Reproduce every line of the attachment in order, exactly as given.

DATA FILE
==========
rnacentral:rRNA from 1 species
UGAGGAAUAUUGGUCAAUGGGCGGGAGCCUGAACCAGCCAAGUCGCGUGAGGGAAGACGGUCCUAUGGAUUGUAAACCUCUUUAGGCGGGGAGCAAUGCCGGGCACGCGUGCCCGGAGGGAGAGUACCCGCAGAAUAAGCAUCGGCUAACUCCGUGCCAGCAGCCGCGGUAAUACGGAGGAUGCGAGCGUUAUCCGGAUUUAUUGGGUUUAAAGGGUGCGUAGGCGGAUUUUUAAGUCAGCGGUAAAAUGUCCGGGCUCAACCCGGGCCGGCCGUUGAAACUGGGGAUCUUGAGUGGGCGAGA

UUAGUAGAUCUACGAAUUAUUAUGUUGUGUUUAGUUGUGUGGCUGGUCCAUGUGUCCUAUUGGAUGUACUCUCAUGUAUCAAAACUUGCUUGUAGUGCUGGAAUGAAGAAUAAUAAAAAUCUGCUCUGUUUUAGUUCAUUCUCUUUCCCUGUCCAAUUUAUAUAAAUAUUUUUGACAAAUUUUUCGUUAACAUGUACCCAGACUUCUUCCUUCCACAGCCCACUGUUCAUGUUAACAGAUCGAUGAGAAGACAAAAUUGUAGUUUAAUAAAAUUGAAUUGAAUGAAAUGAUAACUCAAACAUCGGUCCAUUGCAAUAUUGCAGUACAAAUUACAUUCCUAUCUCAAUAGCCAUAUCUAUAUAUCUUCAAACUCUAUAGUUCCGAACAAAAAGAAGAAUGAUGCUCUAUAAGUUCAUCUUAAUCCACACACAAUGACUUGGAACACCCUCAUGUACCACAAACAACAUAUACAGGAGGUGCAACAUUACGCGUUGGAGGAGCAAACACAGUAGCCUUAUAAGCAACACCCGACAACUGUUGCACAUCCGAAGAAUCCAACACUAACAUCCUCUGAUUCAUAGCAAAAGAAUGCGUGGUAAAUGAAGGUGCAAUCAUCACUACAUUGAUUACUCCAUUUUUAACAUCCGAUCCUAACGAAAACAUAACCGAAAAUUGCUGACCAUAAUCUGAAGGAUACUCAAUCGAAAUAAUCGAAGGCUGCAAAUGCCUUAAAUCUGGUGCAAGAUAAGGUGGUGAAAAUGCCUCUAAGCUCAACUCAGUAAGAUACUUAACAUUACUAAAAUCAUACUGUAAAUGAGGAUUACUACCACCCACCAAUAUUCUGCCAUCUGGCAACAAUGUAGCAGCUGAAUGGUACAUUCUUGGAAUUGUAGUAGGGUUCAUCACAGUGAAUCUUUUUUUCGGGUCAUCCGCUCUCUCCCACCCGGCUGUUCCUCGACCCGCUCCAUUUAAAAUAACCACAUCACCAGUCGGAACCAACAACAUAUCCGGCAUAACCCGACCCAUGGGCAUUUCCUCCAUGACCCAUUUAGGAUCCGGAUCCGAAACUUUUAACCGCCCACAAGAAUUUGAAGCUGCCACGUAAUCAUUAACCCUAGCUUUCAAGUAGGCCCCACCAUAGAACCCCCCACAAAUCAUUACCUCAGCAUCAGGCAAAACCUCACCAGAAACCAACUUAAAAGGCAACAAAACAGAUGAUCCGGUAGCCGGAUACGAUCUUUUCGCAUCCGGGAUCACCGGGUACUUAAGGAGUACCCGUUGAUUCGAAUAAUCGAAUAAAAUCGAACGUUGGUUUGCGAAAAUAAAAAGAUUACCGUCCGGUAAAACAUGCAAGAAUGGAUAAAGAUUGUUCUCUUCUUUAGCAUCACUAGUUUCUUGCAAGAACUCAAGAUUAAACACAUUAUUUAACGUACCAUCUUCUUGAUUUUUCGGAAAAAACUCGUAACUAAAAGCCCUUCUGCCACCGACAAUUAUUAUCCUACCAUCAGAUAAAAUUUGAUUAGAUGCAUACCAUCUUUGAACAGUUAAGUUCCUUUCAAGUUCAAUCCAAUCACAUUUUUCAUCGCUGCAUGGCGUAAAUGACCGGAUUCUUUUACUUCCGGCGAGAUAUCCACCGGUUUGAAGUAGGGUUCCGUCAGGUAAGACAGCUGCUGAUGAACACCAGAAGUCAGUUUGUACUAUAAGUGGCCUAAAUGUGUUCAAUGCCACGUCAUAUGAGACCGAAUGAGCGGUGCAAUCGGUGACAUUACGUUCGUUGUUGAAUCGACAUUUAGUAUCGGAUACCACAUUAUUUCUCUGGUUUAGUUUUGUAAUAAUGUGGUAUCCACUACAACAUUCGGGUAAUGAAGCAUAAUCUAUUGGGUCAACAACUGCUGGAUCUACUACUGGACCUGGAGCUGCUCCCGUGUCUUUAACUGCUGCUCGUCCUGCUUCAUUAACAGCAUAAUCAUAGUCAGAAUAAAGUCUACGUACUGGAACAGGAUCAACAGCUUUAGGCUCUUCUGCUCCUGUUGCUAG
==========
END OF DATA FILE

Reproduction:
rnacentral:rRNA from 1 species
UGAGGAAUAUUGGUCAAUGGGCGGGAGCCUGAACCAGCCAAGUCGCGUGAGGGAAGACGGUCCUAUGGAUUGUAAACCUCUUUAGGCGGGGAGCAAUGCCGGGCACGCGUGCCCGGAGGGAGAGUACCCGCAGAAUAAGCAUCGGCUAACUCCGUGCCAGCAGCCGCGGUAAUACGGAGGAUGCGAGCGUUAUCCGGAUUUAUUGGGUUUAAAGGGUGCGUAGGCGGAUUUUUAAGUCAGCGGUAAAAUGUCCGGGCUCAACCCGGGCCGGCCGUUGAAACUGGGGAUCUUGAGUGGGCGAGA

UUAGUAGAUCUACGAAUUAUUAUGUUGUGUUUAGUUGUGUGGCUGGUCCAUGUGUCCUAUUGGAUGUACUCUCAUGUAUCAAAACUUGCUUGUAGUGCUGGAAUGAAGAAUAAUAAAAAUCUGCUCUGUUUUAGUUCAUUCUCUUUCCCUGUCCAAUUUAUAUAAAUAUUUUUGACAAAUUUUUCGUUAACAUGUACCCAGACUUCUUCCUUCCACAGCCCACUGUUCAUGUUAACAGAUCGAUGAGAAGACAAAAUUGUAGUUUAAUAAAAUUGAAUUGAAUGAAAUGAUAACUCAAACAUCGGUCCAUUGCAAUAUUGCAGUACAAAUUACAUUCCUAUCUCAAUAGCCAUAUCUAUAUAUCUUCAAACUCUAUAGUUCCGAACAAAAAGAAGAAUGAUGCUCUAUAAGUUCAUCUUAAUCCACACACAAUGACUUGGAACACCCUCAUGUACCACAAACAACAUAUACAGGAGGUGCAACAUUACGCGUUGGAGGAGCAAACACAGUAGCCUUAUAAGCAACACCCGACAACUGUUGCACAUCCGAAGAAUCCAACACUAACAUCCUCUGAUUCAUAGCAAAAGAAUGCGUGGUAAAUGAAGGUGCAAUCAUCACUACAUUGAUUACUCCAUUUUUAACAUCCGAUCCUAACGAAAACAUAACCGAAAAUUGCUGACCAUAAUCUGAAGGAUACUCAAUCGAAAUAAUCGAAGGCUGCAAAUGCCUUAAAUCUGGUGCAAGAUAAGGUGGUGAAAAUGCCUCUAAGCUCAACUCAGUAAGAUACUUAACAUUACUAAAAUCAUACUGUAAAUGAGGAUUACUACCACCCACCAAUAUUCUGCCAUCUGGCAACAAUGUAGCAGCUGAAUGGUACAUUCUUGGAAUUGUAGUAGGGUUCAUCACAGUGAAUCUUUUUUUCGGGUCAUCCGCUCUCUCCCACCCGGCUGUUCCUCGACCCGCUCCAUUUAAAAUAACCACAUCACCAGUCGGAACCAACAACAUAUCCGGCAUAACCCGACCCAUGGGCAUUUCCUCCAUGACCCAUUUAGGAUCCGGAUCCGAAACUUUUAACCGCCCACAAGAAUUUGAAGCUGCCACGUAAUCAUUAACCCUAGCUUUCAAGUAGGCCCCACCAUAGAACCCCCCACAAAUCAUUACCUCAGCAUCAGGCAAAACCUCACCAGAAACCAACUUAAAAGGCAACAAAACAGAUGAUCCGGUAGCCGGAUACGAUCUUUUCGCAUCCGGGAUCACCGGGUACUUAAGGAGUACCCGUUGAUUCGAAUAAUCGAAUAAAAUCGAACGUUGGUUUGCGAAAAUAAAAAGAUUACCGUCCGGUAAAACAUGCAAGAAUGGAUAAAGAUUGUUCUCUUCUUUAGCAUCACUAGUUUCUUGCAAGAACUCAAGAUUAAACACAUUAUUUAACGUACCAUCUUCUUGAUUUUUCGGAAAAAACUCGUAACUAAAAGCCCUUCUGCCACCGACAAUUAUUAUCCUACCAUCAGAUAAAAUUUGAUUAGAUGCAUACCAUCUUUGAACAGUUAAGUUCCUUUCAAGUUCAAUCCAAUCACAUUUUUCAUCGCUGCAUGGCGUAAAUGACCGGAUUCUUUUACUUCCGGCGAGAUAUCCACCGGUUUGAAGUAGGGUUCCGUCAGGUAAGACAGCUGCUGAUGAACACCAGAAGUCAGUUUGUACUAUAAGUGGCCUAAAUGUGUUCAAUGCCACGUCAUAUGAGACCGAAUGAGCGGUGCAAUCGGUGACAUUACGUUCGUUGUUGAAUCGACAUUUAGUAUCGGAUACCACAUUAUUUCUCUGGUUUAGUUUUGUAAUAAUGUGGUAUCCACUACAACAUUCGGGUAAUGAAGCAUAAUCUAUUGGGUCAACAACUGCUGGAUCUACUACUGGACCUGGAGCUGCUCCCGUGUCUUUAACUGCUGCUCGUCCUGCUUCAUUAACAGCAUAAUCAUAGUCAGAAUAAAGUCUACGUACUGGAACAGGAUCAACAGCUUUAGGCUCUUCUGCUCCUGUUGCUAG